Intelligence Testing: Is It Always the Smartest Thing to Do?
Smart employees tend to be better at doing their jobs. This is considered one of the most important findings in the history of I-O research. Meta-analysis, which is a method of compiling results from many different researchers and studies, has shown that intelligence (or general mental ability) is associated with better job performance for basically any job. But there are other important components that make organizations successful besides narrowly-defined task performance (parts of a job that are in the job description). New research (Gonzalez-Mulé, Mount, & Oh, 2014) investigates whether intelligence can also predict other measures of workplace success.
OTHER WAYS OF MEASURING JOB SUCCESS
The authors conducted a meta-analysis to determine if intelligence is related to two major measures that are important to organizations: Counterproductive work behavior (CWB), and organizational citizenship behavior (OCB). These terms sound fancy but they are actually quite simple. CWBs mean anything that employees do that breaks organizational norms or expectations. This behavior can be directed at a coworker (i.e. bullying or harassment) or at the organization (i.e. stealing from the employer, unnecessary absences). OCBs refer to anything that employees do that are not formally recognized in their job description, for example helping out a coworker or suggesting a new way of doing things that can help the organization save resources.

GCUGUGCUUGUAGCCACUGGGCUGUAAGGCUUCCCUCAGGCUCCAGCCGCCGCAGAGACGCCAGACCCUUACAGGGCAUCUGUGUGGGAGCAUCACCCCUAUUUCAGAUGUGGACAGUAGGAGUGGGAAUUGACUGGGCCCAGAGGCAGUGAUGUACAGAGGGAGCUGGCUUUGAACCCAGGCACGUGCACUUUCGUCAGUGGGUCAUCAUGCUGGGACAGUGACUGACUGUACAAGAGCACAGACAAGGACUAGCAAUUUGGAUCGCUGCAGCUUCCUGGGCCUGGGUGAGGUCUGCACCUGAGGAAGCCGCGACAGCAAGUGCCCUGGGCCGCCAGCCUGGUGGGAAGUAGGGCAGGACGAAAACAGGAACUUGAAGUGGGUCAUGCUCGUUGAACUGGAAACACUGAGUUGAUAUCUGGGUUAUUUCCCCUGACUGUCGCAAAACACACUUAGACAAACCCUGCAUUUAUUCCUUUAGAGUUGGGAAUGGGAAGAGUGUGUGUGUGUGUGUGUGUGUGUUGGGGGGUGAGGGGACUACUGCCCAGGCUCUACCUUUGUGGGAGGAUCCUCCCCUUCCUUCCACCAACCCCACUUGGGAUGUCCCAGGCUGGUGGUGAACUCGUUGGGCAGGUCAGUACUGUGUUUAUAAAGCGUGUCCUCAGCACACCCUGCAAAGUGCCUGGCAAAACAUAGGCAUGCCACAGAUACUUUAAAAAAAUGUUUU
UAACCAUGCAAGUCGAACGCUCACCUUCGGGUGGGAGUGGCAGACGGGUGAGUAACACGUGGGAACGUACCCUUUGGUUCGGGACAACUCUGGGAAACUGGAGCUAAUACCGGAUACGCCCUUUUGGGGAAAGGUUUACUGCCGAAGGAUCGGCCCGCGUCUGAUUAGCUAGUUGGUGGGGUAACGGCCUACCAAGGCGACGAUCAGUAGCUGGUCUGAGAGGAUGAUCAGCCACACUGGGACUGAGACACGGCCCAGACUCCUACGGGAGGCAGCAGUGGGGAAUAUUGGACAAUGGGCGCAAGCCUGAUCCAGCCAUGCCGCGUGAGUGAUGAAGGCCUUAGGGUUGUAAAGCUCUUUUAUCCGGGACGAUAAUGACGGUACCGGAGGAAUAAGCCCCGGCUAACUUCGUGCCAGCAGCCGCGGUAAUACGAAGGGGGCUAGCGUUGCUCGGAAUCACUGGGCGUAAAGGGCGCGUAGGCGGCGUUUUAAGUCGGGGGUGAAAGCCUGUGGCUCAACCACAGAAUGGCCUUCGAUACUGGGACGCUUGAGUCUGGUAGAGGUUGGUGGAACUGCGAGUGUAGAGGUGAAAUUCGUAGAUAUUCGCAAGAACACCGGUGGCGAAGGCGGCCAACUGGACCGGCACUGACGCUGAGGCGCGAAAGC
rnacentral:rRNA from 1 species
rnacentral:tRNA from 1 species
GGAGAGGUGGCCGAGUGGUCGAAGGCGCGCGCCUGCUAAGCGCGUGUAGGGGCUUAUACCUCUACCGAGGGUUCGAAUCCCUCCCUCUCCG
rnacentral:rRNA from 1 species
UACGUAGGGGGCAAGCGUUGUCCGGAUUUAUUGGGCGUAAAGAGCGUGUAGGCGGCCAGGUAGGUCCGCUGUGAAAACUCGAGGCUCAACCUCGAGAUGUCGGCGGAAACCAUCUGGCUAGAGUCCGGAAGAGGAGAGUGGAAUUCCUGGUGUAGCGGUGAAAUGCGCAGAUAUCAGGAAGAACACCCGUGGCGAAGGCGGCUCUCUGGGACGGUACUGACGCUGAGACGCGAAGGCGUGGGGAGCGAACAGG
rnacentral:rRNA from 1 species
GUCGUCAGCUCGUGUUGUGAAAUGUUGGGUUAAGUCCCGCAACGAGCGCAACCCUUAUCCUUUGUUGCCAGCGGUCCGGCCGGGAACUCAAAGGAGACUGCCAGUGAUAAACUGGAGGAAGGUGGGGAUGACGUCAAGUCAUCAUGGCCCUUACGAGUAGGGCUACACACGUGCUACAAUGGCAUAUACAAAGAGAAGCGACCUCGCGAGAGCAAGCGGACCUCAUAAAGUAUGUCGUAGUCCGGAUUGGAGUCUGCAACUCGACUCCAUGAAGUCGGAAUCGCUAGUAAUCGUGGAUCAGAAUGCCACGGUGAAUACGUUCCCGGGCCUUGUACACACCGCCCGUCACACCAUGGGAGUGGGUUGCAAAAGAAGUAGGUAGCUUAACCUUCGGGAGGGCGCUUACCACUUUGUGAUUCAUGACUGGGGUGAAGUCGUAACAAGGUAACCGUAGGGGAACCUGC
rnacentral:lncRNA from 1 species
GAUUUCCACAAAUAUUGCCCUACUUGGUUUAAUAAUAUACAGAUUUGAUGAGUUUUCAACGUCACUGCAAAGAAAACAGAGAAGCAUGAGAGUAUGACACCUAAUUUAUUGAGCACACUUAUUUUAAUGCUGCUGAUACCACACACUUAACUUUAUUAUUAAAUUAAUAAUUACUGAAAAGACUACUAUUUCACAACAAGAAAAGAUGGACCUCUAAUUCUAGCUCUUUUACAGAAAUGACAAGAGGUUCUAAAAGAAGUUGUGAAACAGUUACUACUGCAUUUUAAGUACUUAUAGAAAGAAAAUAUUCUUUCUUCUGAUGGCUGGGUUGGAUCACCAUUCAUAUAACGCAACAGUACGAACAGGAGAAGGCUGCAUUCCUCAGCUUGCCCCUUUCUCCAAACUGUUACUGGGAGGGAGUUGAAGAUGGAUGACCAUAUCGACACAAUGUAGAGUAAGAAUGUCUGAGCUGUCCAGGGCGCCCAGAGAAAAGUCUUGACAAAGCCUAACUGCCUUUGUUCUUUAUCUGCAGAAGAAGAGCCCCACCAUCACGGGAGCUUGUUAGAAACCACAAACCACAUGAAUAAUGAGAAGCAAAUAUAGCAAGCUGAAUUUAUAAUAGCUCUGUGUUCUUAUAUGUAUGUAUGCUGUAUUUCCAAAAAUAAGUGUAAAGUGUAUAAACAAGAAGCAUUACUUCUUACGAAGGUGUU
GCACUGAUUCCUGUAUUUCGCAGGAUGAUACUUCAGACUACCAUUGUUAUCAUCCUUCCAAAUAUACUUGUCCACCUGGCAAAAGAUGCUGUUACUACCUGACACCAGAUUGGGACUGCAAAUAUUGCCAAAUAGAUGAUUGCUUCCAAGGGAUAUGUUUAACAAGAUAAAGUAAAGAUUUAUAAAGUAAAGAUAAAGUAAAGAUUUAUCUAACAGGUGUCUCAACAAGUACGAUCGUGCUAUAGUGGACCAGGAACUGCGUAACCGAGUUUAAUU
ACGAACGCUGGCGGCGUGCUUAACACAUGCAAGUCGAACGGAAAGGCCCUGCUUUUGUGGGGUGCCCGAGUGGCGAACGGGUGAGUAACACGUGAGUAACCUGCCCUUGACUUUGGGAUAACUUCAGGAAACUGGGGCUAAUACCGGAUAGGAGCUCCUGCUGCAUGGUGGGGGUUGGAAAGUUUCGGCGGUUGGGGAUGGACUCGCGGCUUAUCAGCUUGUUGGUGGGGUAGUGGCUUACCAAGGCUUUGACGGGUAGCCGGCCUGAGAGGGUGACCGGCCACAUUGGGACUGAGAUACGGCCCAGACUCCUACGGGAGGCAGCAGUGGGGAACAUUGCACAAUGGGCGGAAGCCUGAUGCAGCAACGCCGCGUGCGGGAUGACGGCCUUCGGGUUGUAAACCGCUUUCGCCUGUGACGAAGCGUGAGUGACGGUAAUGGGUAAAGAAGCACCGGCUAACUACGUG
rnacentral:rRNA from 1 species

RESULTS OF THE STUDY
The meta-analysis found that intelligence was associated with more OCBs, meaning that smarter employees also went beyond their job descriptions more frequently. The authors explain that smarter people are typically better at seeing the big picture, for example they may understand that helping a coworker has benefits for the organization in the long run. Also, smarter employees may sometimes have greater capacity to help out others. They may be the only ones who are capable of devising a solution to a problem that eventually helps out the organization.
However, when it came to CWBs, there was no real relationship with intelligence. The authors had predicted that smarter employees would engage in less bad behavior because they are more readily capable of seeing the dangerous outcomes, such as harming the company or harming themselves by getting caught. But the data didn’t support this conclusion.
WHAT ABOUT PERSONALITY TESTING?